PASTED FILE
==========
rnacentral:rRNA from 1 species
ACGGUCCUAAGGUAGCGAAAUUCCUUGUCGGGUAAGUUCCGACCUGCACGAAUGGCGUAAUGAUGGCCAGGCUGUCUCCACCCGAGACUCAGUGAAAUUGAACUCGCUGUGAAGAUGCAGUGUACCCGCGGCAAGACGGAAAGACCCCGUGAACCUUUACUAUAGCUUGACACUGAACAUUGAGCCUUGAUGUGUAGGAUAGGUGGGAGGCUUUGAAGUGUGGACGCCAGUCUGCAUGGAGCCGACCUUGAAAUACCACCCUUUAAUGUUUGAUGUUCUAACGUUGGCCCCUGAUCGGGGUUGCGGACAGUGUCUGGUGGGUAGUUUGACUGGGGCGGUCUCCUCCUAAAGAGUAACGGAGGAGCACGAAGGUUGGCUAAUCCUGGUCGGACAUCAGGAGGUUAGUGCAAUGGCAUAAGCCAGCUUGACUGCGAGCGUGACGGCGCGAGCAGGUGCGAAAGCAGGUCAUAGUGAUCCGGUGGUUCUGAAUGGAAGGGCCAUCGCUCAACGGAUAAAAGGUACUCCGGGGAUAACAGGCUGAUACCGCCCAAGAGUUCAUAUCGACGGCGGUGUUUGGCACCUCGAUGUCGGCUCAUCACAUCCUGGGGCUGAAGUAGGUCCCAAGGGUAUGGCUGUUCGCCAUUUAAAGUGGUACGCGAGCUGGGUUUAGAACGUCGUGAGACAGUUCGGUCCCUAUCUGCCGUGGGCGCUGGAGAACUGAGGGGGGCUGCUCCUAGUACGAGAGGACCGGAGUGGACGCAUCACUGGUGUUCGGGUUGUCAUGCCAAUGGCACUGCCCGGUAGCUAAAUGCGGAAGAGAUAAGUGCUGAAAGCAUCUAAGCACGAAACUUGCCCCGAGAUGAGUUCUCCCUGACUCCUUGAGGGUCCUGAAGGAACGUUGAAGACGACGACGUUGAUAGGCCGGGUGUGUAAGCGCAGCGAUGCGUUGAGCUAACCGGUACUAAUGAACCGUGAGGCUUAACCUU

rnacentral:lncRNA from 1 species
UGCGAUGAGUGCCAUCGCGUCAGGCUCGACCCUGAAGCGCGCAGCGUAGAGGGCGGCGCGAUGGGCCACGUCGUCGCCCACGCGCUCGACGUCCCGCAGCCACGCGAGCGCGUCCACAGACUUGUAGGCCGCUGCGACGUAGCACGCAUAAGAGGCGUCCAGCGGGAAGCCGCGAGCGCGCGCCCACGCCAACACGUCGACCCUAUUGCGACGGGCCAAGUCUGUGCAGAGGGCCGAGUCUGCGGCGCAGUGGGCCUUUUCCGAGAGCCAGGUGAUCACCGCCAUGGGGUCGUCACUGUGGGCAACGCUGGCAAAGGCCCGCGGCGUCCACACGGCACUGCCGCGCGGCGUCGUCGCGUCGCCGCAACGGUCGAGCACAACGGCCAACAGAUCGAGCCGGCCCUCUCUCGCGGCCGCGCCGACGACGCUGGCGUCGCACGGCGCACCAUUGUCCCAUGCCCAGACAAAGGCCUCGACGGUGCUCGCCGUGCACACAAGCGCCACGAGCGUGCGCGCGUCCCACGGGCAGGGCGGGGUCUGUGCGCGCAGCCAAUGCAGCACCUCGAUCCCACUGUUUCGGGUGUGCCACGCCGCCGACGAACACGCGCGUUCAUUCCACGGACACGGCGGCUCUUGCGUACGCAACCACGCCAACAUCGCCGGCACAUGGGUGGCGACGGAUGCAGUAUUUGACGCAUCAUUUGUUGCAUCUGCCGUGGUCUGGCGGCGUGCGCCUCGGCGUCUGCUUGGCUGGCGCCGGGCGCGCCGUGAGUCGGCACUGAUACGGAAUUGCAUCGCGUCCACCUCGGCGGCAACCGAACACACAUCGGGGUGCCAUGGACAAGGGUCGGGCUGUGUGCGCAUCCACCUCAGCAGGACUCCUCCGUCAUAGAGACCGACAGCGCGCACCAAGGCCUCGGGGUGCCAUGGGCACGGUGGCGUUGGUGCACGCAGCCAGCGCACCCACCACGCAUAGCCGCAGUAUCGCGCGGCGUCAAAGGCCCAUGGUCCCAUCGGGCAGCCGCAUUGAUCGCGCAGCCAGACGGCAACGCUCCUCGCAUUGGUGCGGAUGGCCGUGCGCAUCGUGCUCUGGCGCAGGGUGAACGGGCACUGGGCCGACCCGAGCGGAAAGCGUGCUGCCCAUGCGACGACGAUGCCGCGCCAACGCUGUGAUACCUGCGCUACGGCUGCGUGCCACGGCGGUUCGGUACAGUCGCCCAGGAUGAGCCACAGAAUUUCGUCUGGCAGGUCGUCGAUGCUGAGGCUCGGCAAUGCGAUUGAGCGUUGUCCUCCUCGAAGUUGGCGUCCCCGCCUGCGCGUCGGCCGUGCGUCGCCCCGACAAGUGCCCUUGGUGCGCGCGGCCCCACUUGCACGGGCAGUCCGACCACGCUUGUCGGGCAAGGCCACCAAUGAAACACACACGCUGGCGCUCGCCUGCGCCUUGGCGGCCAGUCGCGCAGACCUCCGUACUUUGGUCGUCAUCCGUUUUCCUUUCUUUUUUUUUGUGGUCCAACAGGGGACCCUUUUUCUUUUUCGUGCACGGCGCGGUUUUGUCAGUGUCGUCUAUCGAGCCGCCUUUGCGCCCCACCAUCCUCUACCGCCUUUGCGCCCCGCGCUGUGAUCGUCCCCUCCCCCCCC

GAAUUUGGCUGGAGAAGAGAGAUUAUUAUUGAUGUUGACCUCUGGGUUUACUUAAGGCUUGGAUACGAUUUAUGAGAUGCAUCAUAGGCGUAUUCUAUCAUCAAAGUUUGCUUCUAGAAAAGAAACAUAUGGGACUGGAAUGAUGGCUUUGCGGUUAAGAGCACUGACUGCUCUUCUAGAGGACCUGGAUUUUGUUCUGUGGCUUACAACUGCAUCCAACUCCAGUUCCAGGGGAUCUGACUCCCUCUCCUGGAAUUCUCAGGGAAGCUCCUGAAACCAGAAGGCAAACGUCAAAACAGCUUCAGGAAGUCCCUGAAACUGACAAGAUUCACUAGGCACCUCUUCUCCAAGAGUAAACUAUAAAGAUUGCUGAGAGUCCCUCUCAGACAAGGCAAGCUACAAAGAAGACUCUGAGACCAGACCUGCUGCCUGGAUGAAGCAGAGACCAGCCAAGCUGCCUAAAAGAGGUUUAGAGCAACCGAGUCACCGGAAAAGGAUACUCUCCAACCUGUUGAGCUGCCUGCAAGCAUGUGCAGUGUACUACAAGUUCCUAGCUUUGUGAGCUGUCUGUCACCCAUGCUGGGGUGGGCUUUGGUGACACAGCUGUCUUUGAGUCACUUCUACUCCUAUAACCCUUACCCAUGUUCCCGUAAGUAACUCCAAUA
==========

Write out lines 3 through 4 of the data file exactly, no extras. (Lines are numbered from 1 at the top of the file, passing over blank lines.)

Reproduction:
rnacentral:lncRNA from 1 species
UGCGAUGAGUGCCAUCGCGUCAGGCUCGACCCUGAAGCGCGCAGCGUAGAGGGCGGCGCGAUGGGCCACGUCGUCGCCCACGCGCUCGACGUCCCGCAGCCACGCGAGCGCGUCCACAGACUUGUAGGCCGCUGCGACGUAGCACGCAUAAGAGGCGUCCAGCGGGAAGCCGCGAGCGCGCGCCCACGCCAACACGUCGACCCUAUUGCGACGGGCCAAGUCUGUGCAGAGGGCCGAGUCUGCGGCGCAGUGGGCCUUUUCCGAGAGCCAGGUGAUCACCGCCAUGGGGUCGUCACUGUGGGCAACGCUGGCAAAGGCCCGCGGCGUCCACACGGCACUGCCGCGCGGCGUCGUCGCGUCGCCGCAACGGUCGAGCACAACGGCCAACAGAUCGAGCCGGCCCUCUCUCGCGGCCGCGCCGACGACGCUGGCGUCGCACGGCGCACCAUUGUCCCAUGCCCAGACAAAGGCCUCGACGGUGCUCGCCGUGCACACAAGCGCCACGAGCGUGCGCGCGUCCCACGGGCAGGGCGGGGUCUGUGCGCGCAGCCAAUGCAGCACCUCGAUCCCACUGUUUCGGGUGUGCCACGCCGCCGACGAACACGCGCGUUCAUUCCACGGACACGGCGGCUCUUGCGUACGCAACCACGCCAACAUCGCCGGCACAUGGGUGGCGACGGAUGCAGUAUUUGACGCAUCAUUUGUUGCAUCUGCCGUGGUCUGGCGGCGUGCGCCUCGGCGUCUGCUUGGCUGGCGCCGGGCGCGCCGUGAGUCGGCACUGAUACGGAAUUGCAUCGCGUCCACCUCGGCGGCAACCGAACACACAUCGGGGUGCCAUGGACAAGGGUCGGGCUGUGUGCGCAUCCACCUCAGCAGGACUCCUCCGUCAUAGAGACCGACAGCGCGCACCAAGGCCUCGGGGUGCCAUGGGCACGGUGGCGUUGGUGCACGCAGCCAGCGCACCCACCACGCAUAGCCGCAGUAUCGCGCGGCGUCAAAGGCCCAUGGUCCCAUCGGGCAGCCGCAUUGAUCGCGCAGCCAGACGGCAACGCUCCUCGCAUUGGUGCGGAUGGCCGUGCGCAUCGUGCUCUGGCGCAGGGUGAACGGGCACUGGGCCGACCCGAGCGGAAAGCGUGCUGCCCAUGCGACGACGAUGCCGCGCCAACGCUGUGAUACCUGCGCUACGGCUGCGUGCCACGGCGGUUCGGUACAGUCGCCCAGGAUGAGCCACAGAAUUUCGUCUGGCAGGUCGUCGAUGCUGAGGCUCGGCAAUGCGAUUGAGCGUUGUCCUCCUCGAAGUUGGCGUCCCCGCCUGCGCGUCGGCCGUGCGUCGCCCCGACAAGUGCCCUUGGUGCGCGCGGCCCCACUUGCACGGGCAGUCCGACCACGCUUGUCGGGCAAGGCCACCAAUGAAACACACACGCUGGCGCUCGCCUGCGCCUUGGCGGCCAGUCGCGCAGACCUCCGUACUUUGGUCGUCAUCCGUUUUCCUUUCUUUUUUUUUGUGGUCCAACAGGGGACCCUUUUUCUUUUUCGUGCACGGCGCGGUUUUGUCAGUGUCGUCUAUCGAGCCGCCUUUGCGCCCCACCAUCCUCUACCGCCUUUGCGCCCCGCGCUGUGAUCGUCCCCUCCCCCCCC